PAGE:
• In December 2005 he announced Automattic, the company behind WordPress.com and Akismet. Automattic employed people who had contributed to the WordPress.
    • Mullenweg was motivated by a desire to create a company that could combine open source software development with the economic interests of shareholders.
    • In January 2006 Mullenweg recruited former Oddpost CEO and Yahoo! executive Toni Schneider to join Automattic as CEO, bringing the size of the company to 5.
    • In 2006, Automattic raised approximately 1.1 million dollars in funding. Investors were Polaris Ventures, True Ventures, Radar Partners, and CNET.
    • The first WordCamp conference in July 2006, attracting over 300 people.
    • In October 2007 Mullenweg acquired the Gravatar service and was rumored to have turned down a US$200 million offer to buy his company Automattic.
    • In 2008 Automattic raised an additional US$29.5 million from Polaris Venture Partners, True Ventures, Radar Partners, and the New York Times Company
    • At the time the company had 18 employees.
    • WordPress.com was ranked #3 on Alexa with 90 million monthly page views.
    • September 2008 brought more press coverage with Mullenweg being named to the Top 30 Entrepreneurs Under 30 by Inc. Magazine.
    • In January 2009 Mullenweg told USA Today that Automattic was profitable, had 35 employees and had landed CNN as a client for WordPress.com.
  • Artificial Life Created
    • The life form dubbed “synthia” is a simple bacterium that researchers successfully created from scratch using a unique DNA code created in the lab.
    • The science team headed by Dr. Craig Venter hopes that in the near future “bacterial factories” will be built to develop “useful” bacteria that can do anything from absorb greenhouse gases, produce clean bio fuels, or create new cutting edge medicines.
    • "This is the first self-replicating species that we’ve had on the planet whose parent is a computer," Venter told reporters.
    • His synthetic bacteria cells are the first organisms since life emerged billions of years ago that don’t have a living ancestor.
    • Venter’s microbe is now locked away in a freezer in Maryland.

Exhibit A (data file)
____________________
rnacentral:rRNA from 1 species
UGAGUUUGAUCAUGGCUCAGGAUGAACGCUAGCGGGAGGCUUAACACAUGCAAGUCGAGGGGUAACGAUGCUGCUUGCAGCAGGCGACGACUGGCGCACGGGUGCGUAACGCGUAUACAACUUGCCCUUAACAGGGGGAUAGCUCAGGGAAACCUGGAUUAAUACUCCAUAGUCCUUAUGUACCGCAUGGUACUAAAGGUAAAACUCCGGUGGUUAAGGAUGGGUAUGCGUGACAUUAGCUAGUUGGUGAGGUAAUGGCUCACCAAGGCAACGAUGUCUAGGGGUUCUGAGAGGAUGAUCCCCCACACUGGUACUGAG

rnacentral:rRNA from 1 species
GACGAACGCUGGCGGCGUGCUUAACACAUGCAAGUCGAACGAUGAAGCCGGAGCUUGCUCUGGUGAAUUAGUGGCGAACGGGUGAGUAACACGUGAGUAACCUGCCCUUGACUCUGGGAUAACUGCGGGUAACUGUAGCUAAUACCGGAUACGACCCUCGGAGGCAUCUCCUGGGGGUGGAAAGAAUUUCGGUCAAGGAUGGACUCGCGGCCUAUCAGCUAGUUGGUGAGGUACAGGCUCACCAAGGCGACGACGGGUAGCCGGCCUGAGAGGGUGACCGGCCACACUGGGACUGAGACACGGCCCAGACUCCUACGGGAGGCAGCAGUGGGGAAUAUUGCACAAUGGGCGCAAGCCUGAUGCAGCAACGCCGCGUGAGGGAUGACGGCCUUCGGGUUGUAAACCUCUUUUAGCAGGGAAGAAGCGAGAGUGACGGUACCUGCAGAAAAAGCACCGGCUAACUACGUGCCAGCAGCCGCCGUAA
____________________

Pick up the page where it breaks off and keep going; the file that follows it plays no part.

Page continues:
• T recipe for its life-giving DNA sequence, and the techniques used to bring it to life, are now part of the growing collection
    • The breakthrough, which took 15 years and $40million dollars to achieve, opens a number ethical questions, including concerns that researchers are playing God, tampering with the very essence of life.
    • There are two debates going on here.
    • Is it ethical to create artificial life in the first place
    • If so, how far science should be allowed to go.
  • Facebook Responds to Critics
    • After a month of bad publicity, Facebook is planning to announce features for simpler privacy choices.
    • Web site, which has been criticized by privacy activists and slammed by some members of Congress.
    • The flap has spawned clever interactive graphics showing how Facebook has gradually exposed more user data, tools to fix your privacy settings.
    • Rreports of internal discord among employees who may fear that the negative attention would jeopardize an IPO,
    • A Facebook spokesman on Friday confirmed that the changes will arrive "shortly," without elaborating.
    • While the recent focus on Facebook started with its announcements in late April at the F8 developers conference, which included deeper connections with partners.
    • No wonder you’re starting to see tips–including a CNET FAQ we published earlier Friday–on how to irrevocably delete your Facebook account